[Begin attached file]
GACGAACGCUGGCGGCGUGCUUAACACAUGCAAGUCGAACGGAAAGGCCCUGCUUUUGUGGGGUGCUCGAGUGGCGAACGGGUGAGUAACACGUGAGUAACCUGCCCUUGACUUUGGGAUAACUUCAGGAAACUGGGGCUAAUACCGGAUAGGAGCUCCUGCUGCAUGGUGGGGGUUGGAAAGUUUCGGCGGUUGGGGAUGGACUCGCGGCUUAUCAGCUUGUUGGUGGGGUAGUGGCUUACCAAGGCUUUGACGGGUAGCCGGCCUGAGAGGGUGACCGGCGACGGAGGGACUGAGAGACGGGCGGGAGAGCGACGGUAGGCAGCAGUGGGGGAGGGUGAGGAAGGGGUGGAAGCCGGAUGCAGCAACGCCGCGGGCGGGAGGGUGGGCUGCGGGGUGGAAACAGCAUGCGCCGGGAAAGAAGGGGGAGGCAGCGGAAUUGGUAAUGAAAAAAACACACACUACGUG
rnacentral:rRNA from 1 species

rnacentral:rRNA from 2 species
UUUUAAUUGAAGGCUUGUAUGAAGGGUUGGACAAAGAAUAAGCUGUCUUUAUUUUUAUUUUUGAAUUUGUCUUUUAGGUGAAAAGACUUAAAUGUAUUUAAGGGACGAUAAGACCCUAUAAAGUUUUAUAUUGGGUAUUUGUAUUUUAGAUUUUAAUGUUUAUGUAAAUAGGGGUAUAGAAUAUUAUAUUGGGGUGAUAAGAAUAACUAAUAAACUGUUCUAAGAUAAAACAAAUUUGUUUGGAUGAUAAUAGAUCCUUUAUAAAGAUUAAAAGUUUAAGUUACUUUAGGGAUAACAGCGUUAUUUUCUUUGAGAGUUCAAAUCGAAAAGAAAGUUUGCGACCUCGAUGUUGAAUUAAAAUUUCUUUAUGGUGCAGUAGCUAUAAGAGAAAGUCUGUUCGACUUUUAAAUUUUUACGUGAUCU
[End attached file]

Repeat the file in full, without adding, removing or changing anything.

GACGAACGCUGGCGGCGUGCUUAACACAUGCAAGUCGAACGGAAAGGCCCUGCUUUUGUGGGGUGCUCGAGUGGCGAACGGGUGAGUAACACGUGAGUAACCUGCCCUUGACUUUGGGAUAACUUCAGGAAACUGGGGCUAAUACCGGAUAGGAGCUCCUGCUGCAUGGUGGGGGUUGGAAAGUUUCGGCGGUUGGGGAUGGACUCGCGGCUUAUCAGCUUGUUGGUGGGGUAGUGGCUUACCAAGGCUUUGACGGGUAGCCGGCCUGAGAGGGUGACCGGCGACGGAGGGACUGAGAGACGGGCGGGAGAGCGACGGUAGGCAGCAGUGGGGGAGGGUGAGGAAGGGGUGGAAGCCGGAUGCAGCAACGCCGCGGGCGGGAGGGUGGGCUGCGGGGUGGAAACAGCAUGCGCCGGGAAAGAAGGGGGAGGCAGCGGAAUUGGUAAUGAAAAAAACACACACUACGUG
rnacentral:rRNA from 1 species

rnacentral:rRNA from 2 species
UUUUAAUUGAAGGCUUGUAUGAAGGGUUGGACAAAGAAUAAGCUGUCUUUAUUUUUAUUUUUGAAUUUGUCUUUUAGGUGAAAAGACUUAAAUGUAUUUAAGGGACGAUAAGACCCUAUAAAGUUUUAUAUUGGGUAUUUGUAUUUUAGAUUUUAAUGUUUAUGUAAAUAGGGGUAUAGAAUAUUAUAUUGGGGUGAUAAGAAUAACUAAUAAACUGUUCUAAGAUAAAACAAAUUUGUUUGGAUGAUAAUAGAUCCUUUAUAAAGAUUAAAAGUUUAAGUUACUUUAGGGAUAACAGCGUUAUUUUCUUUGAGAGUUCAAAUCGAAAAGAAAGUUUGCGACCUCGAUGUUGAAUUAAAAUUUCUUUAUGGUGCAGUAGCUAUAAGAGAAAGUCUGUUCGACUUUUAAAUUUUUACGUGAUCU